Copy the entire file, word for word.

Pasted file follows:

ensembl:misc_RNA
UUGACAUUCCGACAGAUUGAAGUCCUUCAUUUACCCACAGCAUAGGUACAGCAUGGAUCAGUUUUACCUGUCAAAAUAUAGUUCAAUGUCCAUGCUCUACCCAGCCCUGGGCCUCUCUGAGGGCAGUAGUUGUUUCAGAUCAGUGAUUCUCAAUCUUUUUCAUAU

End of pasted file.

ensembl:misc_RNA
UUGACAUUCCGACAGAUUGAAGUCCUUCAUUUACCCACAGCAUAGGUACAGCAUGGAUCAGUUUUACCUGUCAAAAUAUAGUUCAAUGUCCAUGCUCUACCCAGCCCUGGGCCUCUCUGAGGGCAGUAGUUGUUUCAGAUCAGUGAUUCUCAAUCUUUUUCAUAU